Food, Glorious Food
Hiking is not for connoisseurs of fine dining…
One lesson we learned pretty early was that lugging along heavy, fancy eats was a big waste of effort. Sure, an occasional treat is fun, but, when it comes down to it, eating on the trail is for energy, not pleasure. As usual, we have different opinions on what we like, but we find that carrying one cook pot is all we need to chow each meal. Dying to try out our new Sea to Summit X-Pot collapsible kettle.
Hello hikesters! This is Sweat Heart and I want to talk about food, but first I have to fess to some bad news, good news. Bad news, at 5 feet 8 inches tall I’m a chunkster at 240 pounds; good news, I used to be an Uber-chunkster at 265! So hey, walk slow and ever the optimist!!
Anyhoo, my favorite trail food, coming in at four ounces per serving, is top ramen. There’s at least four different companies that make it, and I’m gonna use this hike to determine which of them is my fav!
I’ve tried different coffee configurations, the latest being Folger’s coffee in a tea bag, which is okay. Maureen bought me a reusable filter thingy that weighs almost (but not quite) nothing, and I think I’m gonna try that and carry some coffee grounds. Sugar and Coffee Mate in separate glad bags.
Also, I want variety! I want a bunch of different stuff in small portions! Any ideas anyone? Remember, variety! In any event, I’m not carrying a ton of food; I’m trying to lose another 20 pounds! Plenty of GORP I will have.
All right, I’ll check back in a few. I have to explain how I got the trail name Sweat Heart, bestowed by the lovely Maureen, who also goes by the name Marlene, although that is not her trail name!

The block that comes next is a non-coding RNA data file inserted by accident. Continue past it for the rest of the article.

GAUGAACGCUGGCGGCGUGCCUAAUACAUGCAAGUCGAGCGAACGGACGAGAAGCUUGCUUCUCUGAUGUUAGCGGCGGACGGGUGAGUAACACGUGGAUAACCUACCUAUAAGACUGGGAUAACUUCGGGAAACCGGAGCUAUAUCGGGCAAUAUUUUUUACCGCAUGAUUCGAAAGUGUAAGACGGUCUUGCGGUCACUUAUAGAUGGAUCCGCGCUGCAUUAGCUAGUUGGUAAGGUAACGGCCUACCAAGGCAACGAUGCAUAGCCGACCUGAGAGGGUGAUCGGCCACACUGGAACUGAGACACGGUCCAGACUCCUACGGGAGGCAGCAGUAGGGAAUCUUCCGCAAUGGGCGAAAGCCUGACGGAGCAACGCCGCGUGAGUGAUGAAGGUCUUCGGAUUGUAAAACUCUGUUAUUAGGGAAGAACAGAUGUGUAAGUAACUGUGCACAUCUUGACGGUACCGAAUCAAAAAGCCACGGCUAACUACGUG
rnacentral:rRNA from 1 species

How I tried to be creative in my food choices in the beginning, packing spices, oil, fresh vegetables, pickles (what a mess). Now, it’s pretty simple: Oatmeal, Knorr mixes (maybe with dehydrated chicken and veg), tortillas with nut butter, and lots of snackins (nuts, seeds, crackers). A hot tea at the end of the day is a luxury. We plan to stop in as many towns as we can for burgers and fresh salad. Oh, and I’m one carrying the fish oil supplements and electrolyte powder.
Coming up: Luxury Items
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Max – Don’t be “on a diet” or worried about carrying and/or eating too much food at the start of your hike. You need to eat what will fuel your body or else you will bonk. If you get far enough on the trail, the weight will start to come off naturally.
I lost almost 70lbs on my first AT thru hike. I ate everything I could get my hands on. That was over twenty years ago though. Good luck and don’t worry about the weight.
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